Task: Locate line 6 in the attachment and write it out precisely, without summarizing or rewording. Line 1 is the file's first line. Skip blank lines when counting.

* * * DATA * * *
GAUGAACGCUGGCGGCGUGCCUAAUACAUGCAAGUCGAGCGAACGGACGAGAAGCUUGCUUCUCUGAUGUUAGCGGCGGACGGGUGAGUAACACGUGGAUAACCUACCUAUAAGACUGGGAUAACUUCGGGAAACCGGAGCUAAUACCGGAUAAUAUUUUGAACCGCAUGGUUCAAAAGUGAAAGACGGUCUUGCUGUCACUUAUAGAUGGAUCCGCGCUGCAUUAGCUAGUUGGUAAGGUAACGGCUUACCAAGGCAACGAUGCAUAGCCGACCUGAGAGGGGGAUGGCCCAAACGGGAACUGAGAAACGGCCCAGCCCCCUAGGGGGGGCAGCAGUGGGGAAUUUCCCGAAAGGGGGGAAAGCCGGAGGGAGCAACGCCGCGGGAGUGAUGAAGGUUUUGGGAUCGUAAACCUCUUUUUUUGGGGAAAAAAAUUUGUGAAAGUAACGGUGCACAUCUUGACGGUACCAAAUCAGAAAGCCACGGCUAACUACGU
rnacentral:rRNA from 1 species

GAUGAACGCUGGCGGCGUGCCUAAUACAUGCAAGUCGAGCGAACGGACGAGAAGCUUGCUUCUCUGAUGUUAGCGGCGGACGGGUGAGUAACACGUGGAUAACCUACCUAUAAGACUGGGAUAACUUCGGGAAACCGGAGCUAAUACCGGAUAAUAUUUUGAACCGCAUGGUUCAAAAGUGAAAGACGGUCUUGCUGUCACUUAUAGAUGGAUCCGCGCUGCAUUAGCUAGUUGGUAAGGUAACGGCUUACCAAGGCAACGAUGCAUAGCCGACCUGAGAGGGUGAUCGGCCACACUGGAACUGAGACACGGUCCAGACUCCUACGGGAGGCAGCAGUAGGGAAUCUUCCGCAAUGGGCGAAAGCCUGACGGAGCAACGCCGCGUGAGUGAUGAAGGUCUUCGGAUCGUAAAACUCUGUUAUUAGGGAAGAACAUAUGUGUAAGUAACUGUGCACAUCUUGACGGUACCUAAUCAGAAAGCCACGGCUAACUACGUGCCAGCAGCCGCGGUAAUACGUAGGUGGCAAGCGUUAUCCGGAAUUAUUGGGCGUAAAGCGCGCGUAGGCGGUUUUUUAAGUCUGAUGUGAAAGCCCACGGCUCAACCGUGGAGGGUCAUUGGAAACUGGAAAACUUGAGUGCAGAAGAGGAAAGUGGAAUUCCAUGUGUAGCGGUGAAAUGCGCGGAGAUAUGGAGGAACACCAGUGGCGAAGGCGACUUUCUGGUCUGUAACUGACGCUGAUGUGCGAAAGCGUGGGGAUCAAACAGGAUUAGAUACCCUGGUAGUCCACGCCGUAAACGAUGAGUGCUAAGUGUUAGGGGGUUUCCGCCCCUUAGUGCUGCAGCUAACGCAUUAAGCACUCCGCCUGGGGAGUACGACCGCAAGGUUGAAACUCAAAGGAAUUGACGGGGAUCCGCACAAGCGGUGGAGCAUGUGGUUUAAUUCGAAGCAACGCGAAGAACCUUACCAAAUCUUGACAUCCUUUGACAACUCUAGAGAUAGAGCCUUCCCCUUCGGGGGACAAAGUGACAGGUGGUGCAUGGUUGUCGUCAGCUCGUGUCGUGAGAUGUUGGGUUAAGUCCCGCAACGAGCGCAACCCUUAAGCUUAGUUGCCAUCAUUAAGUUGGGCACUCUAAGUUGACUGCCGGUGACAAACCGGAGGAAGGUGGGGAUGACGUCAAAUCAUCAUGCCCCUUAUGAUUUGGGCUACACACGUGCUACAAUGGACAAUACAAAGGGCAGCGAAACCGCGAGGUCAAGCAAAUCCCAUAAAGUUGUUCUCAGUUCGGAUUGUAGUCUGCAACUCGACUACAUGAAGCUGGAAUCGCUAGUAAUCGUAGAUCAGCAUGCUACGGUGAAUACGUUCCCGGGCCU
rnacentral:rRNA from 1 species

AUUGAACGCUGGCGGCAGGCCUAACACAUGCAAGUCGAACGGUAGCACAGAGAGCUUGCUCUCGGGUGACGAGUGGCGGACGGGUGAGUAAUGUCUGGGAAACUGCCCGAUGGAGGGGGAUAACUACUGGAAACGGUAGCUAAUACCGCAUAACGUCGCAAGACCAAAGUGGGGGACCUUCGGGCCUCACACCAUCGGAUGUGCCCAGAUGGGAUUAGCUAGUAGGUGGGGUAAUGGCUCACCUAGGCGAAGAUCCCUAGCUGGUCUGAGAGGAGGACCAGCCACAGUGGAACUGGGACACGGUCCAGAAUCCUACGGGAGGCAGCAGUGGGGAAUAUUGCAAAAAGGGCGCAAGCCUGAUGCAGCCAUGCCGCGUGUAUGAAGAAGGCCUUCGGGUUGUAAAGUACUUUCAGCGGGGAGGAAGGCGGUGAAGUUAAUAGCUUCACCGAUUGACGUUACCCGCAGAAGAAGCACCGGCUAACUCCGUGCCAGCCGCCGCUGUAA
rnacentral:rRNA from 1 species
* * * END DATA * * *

rnacentral:rRNA from 1 species